Unusual Way Gillette’s Low-Cost Razor Came to Be

The went to India to see how people in the countryside shaved

   

ProcterAndGambleLogo Unusual Way Gillette's Low Cost Razor Came to BeFive years ago, a score of executives from one of the world’s largest consumer products manufacturers made 300 visits to rural India in a bid to develop a new razor for consumers in the developing market.

Watching how men shaved in small Indian villages gave the executives the guidance they needed to create Procter & Gamble‘s (PG) Gillette Guard, which hit retail locations in India three years ago. The product was an immediate hit and now accounts for about two-thirds of all razors sold in the country, the Associated Press notes.

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The executives were particularly inspired by watching one man, who shaved without electricity, running water or a mirror, while seated on the floor of his small home.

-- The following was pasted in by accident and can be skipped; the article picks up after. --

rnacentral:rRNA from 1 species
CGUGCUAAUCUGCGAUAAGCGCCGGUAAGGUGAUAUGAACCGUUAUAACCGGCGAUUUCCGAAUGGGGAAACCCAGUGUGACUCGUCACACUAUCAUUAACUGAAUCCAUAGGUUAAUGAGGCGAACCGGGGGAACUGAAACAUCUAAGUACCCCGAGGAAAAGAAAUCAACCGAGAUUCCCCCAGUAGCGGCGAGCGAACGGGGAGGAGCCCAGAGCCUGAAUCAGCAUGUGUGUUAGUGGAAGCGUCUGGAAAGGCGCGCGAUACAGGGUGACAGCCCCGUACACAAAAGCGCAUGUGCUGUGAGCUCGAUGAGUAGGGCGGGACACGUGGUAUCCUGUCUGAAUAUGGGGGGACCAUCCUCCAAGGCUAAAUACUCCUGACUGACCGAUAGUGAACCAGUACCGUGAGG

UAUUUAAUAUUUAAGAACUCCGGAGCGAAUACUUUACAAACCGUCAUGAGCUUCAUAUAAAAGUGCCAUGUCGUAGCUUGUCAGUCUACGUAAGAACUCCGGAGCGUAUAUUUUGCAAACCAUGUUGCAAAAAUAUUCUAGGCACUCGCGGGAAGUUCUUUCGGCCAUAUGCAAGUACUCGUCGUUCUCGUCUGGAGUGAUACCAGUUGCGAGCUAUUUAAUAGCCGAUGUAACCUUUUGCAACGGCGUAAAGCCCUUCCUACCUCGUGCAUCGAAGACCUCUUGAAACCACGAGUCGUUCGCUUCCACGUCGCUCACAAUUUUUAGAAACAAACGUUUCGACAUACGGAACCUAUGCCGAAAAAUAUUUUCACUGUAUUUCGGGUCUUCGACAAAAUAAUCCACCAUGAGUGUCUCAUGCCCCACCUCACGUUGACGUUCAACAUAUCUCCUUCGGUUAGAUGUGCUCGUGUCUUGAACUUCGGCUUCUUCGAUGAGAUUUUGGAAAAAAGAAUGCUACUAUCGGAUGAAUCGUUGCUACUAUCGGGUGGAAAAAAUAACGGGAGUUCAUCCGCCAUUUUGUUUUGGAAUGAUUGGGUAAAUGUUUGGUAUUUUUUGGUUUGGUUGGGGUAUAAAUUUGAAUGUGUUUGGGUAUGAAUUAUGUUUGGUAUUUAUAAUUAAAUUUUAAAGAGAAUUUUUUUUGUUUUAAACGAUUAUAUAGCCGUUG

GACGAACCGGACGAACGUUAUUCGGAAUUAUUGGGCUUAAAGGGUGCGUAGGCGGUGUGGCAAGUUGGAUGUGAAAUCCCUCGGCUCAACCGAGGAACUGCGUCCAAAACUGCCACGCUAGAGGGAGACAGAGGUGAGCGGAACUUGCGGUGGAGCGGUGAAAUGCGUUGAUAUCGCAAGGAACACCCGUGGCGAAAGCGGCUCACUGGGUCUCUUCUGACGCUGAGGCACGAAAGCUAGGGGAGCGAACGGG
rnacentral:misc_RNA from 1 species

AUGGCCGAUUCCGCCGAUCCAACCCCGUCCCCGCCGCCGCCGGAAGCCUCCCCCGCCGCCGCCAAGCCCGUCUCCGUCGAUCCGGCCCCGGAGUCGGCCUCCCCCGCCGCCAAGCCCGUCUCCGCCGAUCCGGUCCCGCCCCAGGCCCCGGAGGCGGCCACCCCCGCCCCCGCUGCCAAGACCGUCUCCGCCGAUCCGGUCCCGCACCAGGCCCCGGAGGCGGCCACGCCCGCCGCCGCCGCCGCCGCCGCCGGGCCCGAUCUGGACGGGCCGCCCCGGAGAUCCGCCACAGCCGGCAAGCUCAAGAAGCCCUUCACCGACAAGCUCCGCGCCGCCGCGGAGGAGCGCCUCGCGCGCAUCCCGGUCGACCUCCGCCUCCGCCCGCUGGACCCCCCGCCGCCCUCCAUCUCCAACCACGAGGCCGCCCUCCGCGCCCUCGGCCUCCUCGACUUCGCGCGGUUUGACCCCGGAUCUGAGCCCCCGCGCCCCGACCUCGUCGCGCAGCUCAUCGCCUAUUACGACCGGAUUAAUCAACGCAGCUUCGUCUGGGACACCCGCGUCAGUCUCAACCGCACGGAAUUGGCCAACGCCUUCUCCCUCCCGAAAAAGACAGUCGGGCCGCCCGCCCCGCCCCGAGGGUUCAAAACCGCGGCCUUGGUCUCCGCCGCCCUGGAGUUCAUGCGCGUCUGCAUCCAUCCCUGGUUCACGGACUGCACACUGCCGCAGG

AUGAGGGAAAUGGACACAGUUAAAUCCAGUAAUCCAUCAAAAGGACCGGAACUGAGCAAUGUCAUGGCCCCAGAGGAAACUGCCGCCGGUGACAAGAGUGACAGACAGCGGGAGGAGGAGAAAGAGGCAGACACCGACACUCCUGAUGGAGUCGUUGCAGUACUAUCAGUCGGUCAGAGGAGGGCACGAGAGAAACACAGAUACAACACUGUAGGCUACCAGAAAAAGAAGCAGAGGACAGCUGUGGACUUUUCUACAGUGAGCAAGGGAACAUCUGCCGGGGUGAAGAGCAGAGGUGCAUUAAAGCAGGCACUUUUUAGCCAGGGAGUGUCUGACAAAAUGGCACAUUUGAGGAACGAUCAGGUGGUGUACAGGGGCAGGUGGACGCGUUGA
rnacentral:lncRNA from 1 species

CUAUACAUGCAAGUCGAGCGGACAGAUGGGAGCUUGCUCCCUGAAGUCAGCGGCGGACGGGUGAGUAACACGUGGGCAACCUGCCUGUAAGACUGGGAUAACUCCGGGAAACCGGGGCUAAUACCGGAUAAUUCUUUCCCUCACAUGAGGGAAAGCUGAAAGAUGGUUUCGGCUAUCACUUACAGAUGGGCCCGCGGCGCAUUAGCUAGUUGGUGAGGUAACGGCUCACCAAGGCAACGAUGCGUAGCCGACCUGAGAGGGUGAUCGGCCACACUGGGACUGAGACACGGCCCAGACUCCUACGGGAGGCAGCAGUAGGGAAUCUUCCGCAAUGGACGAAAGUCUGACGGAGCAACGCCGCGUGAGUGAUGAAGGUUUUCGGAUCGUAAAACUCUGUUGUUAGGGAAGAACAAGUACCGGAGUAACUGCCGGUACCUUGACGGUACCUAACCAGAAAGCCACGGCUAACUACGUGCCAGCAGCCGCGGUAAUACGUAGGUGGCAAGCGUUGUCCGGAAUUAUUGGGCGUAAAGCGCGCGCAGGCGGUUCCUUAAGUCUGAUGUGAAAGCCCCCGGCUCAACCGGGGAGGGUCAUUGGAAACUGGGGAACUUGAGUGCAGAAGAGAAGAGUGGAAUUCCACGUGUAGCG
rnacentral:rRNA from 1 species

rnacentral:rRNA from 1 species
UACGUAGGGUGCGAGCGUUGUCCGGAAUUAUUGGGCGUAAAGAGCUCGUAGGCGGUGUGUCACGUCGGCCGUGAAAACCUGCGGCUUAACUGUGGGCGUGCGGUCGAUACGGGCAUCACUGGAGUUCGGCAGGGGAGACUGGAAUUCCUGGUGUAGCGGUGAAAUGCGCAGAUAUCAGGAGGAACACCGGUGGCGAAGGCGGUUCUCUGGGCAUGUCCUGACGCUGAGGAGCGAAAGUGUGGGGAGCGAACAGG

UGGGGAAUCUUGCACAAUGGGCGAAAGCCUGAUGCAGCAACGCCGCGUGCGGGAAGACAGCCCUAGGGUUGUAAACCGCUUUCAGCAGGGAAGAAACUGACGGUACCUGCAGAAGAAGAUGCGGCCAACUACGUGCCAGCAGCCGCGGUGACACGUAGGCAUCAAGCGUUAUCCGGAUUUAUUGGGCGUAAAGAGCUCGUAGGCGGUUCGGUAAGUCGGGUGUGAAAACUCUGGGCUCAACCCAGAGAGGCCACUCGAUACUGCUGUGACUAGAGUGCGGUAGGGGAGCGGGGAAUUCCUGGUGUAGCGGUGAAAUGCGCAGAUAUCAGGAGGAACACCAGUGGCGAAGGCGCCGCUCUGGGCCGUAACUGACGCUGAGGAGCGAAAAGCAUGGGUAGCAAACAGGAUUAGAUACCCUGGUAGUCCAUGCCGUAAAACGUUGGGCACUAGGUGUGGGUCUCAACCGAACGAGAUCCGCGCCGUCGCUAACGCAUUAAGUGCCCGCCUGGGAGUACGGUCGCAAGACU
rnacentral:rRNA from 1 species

Developing products geared to local conditions, instead of simply repackaging products made for the U.S. market, has helped P&G dramatically increase the percentage of its annual revenue generated in emerging markets.

The Indian market is a strong focus for consumer products makers. The Indian economy is growing at 3.2% annually, though poverty remains widespread. India is home to about 1.24 billion people.

Last month, P&G reduced the number of diapers in contained in packs its popular brands, effectively raising the price.

Shares of P&G slipped slightly in Monday morning trading.


Article printed from InvestorPlace Media, http://investorplace.com/2013/10/unusual-way-gillettes-low-cost-razor-came-to-be/.

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